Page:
SMEs make up the bulk (over 70%) of enterprises in Africa. Of these, a significant proportion (more than 80%) is made up of informal and small office/home office (SOHO) entities. While telecommunications service providers have targeted large enterprises and formal SMEs, offering structured products to the informal SME and SOHO customer segment has been a challenge.

As the enterprise sector becomes more enticing as a key source of revenue, IDC expects service providers in 2013 to focus on innovation and services targeted at the informal SME and SOHO customer segments.

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9 A new breed of MVNO will emerge from the retail and finance verticals in South Africa

IDC expects that, in 2013, at least one mobile network operator in South Africa will approach non-telecommunications companies such as banks and retailers to establish an MVNO.

We believe that price elasticity in South Africa is low and there is very little differentiation between service providers. As a result, the competitive benefits of promotions and special offerings are diminishing.

Consequently, mobile service providers in South Africa, especially the smallest two, are looking for new avenues of customer acquisition. Furthermore, pure-play MVNOs, such as Red Bull and Virgin Mobile, have failed.

Companies such as First National Bank (a leading bank in South Africa) and Edgars Stores (a leading retailer in Africa) have had unprecedented success operating as branded resellers of Internet services. These companies have gradually expanded their telecommunications service offerings to include mobile telephony and mobile devices as value-added services, and at competitively low prices.

However, in terms of mobile telephony and device services, retailers and banks have been mere distribution channels.

One factor limiting further growth of such service providers is that their offerings for voice, broadband, and device services are not converged. IDC expects that service providers that can effectively partner with non-telecommunications companies to offer converged voice, data, and device services as a branded reseller will open up a key distribution channel. This alternative go-to-market strategy, via a branded reseller MVNO, will provide much needed competitive differentiation and alternative customer acquisition channels in 2013.

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10 Enterprise mobility services providers’ and vendors’ solutions will improve in 2013, boosting uptake

IDC expects intense activity in the drive for enterprise mobility in Africa in 2013. According to the IDC Enterprise Mobility Survey in 2012, 39% of enterprises in Africa had an organisation-wide enterprise mobility strategy, 18% of enterprises plan to create a strategy by 2013, and 43% do not have plans to create one.

This is indicative of the fact that, despite enterprise mobility entering the African market in 2010, the level of uptake has been low. This is a situation that IDC thinks is likely to change.

With 2013 being "the year of the app", IDC expects the number of mobile applications available for the enterprise sector to increase, and the adoption of such services to rise accordingly. This, however, hinges on the availability of smart mobile devices to support the uptake of such services.

Device manufacturers like Samsung have placed Africa as a priority destination for enterprise mobility solutions via their application and device offerings. IDC expects the proliferation of "emerging market smart devices" as seen with mobile handsets, as part of the effort by such organizations to penetrate the enterprise mobility market in Africa.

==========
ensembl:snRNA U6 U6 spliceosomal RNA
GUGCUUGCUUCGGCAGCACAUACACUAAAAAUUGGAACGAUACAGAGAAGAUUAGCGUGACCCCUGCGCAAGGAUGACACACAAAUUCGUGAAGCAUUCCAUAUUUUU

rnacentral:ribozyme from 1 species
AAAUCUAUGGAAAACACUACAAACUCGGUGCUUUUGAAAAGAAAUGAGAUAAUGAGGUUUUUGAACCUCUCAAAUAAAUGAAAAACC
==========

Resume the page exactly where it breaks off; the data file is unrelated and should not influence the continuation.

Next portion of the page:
Mobile operators need sound penetration of the enterprise sector with their core offerings, given the slowing growth of the consumer segment. As a result, IDC expects the prioritisation of enterprise mobility by services providers across the region.

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Essential guidance

In line with these predictions, IDC recommends that service providers and equipment
vendors consider the following to ensure success in 2013:

Service providers

The African telecommunications market in 2013 hinges on applications and the enterprise segment. Increased focus on these areas is critical for success in 2013.

Services providers should re-evaluate their enterprise mobility and application offerings to focus on security, manageability, and customer support. The application development landscape should be centered on consumer applications in the short term, and on enterprise applications in the medium term.

Dividing the consumer segment to take into account informal SMEs and SOHOs, both of which typically take up consumer offerings, and offering targeted solutions for this segment will not only boost the uptake of mobile data services, but could potentially also drive enterprise mobility.

Service providers looking to aggressively drive their last-mile data penetration without high capital outlay should consider adding satellite access as part of their offerings.

The technology has the potential to reach more customers, and at faster speeds, than other wireless technologies in the market. The satellite market will have matured enough to drive widespread uptake of services.

Operators should consider MVNO models as a means to bring their services to market and maintain a competitive edge. Branded resellers will be the key means to achieve this.

Vendors and OEMs

The success of enterprise mobility and growth of LTE will be impacted by the availability of affordable devices. Smartphone penetration is currently growing, but in order to further drive uptake it is necessary to increase the penetration of other smart devices such as tablets. An initiative similar to that seen with feature phones was created, whereby device vendors were able to develop devices specific to emerging markets' needs (including Africa's). This enabled the penetration of mobile phones to grow exponentially across the continent. The same will be required for the proliferation of enterprise mobility and smart devices.

Vendors can intensify their LTE efforts, given that they are now able to provide local case studies for the successful deployment of LTE.